Castle of Palmeira

The Castle of D. Chica, also referred to as Castle of Palmeira, Casa da Chica or Palace of D. Chica, is located in the parish of Palmeira, municipality of Braga, district of the same name, in Portugal.


Its construction began in 1915, at the initiative of Francisca Peixoto de Sousa, born in Brazil, who ordered many of the tree species currently found in the surrounding forest to come from her country.


The works were interrupted in 1919, when Francisca separated from her husband. Throughout its history, it changed ownership several times, dragging on the works for decades, only being completed in 1991, adapted to a restaurant and bar. It was approved as a Property of Public Interest by Order of February 20, 1985.


Currently, the property is in a state of abandonment and degradation, after going through a legal dispute regarding its ownership, involving several entities.

The legal dispute

Having been acquired by the Parish Council of Palmeira, in 1990, for around 95 thousand Euros, the municipality leased it under contract to a tourism company, IPALTUR. This, in turn, carried out improvements, adapting the premises of the property to the leisure area, with bar, disco, restaurant and meeting and congress rooms. With the “agreement” of the local authority, IPALTUR mortgaged the property for 750 thousand Euros with Caixa Geral de Depósitos. Under the agreement, for ten years the autarchy would not receive rents.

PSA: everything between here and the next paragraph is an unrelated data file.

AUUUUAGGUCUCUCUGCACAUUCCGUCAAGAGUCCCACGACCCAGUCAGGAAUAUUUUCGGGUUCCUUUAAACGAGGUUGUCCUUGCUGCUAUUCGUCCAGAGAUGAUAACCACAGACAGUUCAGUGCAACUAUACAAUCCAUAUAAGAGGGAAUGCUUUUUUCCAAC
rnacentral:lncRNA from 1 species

The property was purchased in 2010 by a real estate entrepreneur who sold it again in 2019 to US brothers for an event venue.


The building consists of four floors. It is developed in a game of very accentuated volumes and is characterized by a wide variety of materials and languages, mixing popular and erudite references, in an extravagant eclecticism where neo-Gothic, neo-Arab and “rustic” styles are mixed.


Isolated, the volumes have their own image and establish connections through some bridges (materials and decorative elements). The analysis of construction details highlights the importance given to the image, in detriment of a construction method.


The windows are indifferently made of wood or iron, or even made with the two materials, making it difficult to know if they follow a project for the execution of the work or if, initially defined by the image by the architect Korrodi, the construction solution would be left to the different artists / artisans who made them. Iron is also used in the railing, in the crown of the roof and in the weathervane.


The repetition of the “ivy leaf” as a decorative element, simultaneously in the design of the iron railings and in some marble moldings, coexists with the application of different floral motifs, in the capitals of the different colonnades and with the geometrized rosettes, in the arch closings warheads.


The tiles are “signed” by the designer. Colored in green, they intend to integrate into the landscape that the rest of the building refuses.


The surrounding forest is characterized by exotic vegetation (Brazilian almond, pau-santo, Brazilian pine, palm, eucalyptus, japoneiras and others) and many national varieties (oak, plane trees, cedars, maritime pine, chestnut, willow, mimosas, cork oaks and others) with winding paths.


The whole lake, with a cave with false stalactites, stands out, translating a romantic vision, which intended to imitate the medieval period, reproducing nature, preferring the “forest” to the geometrized baroque garden.


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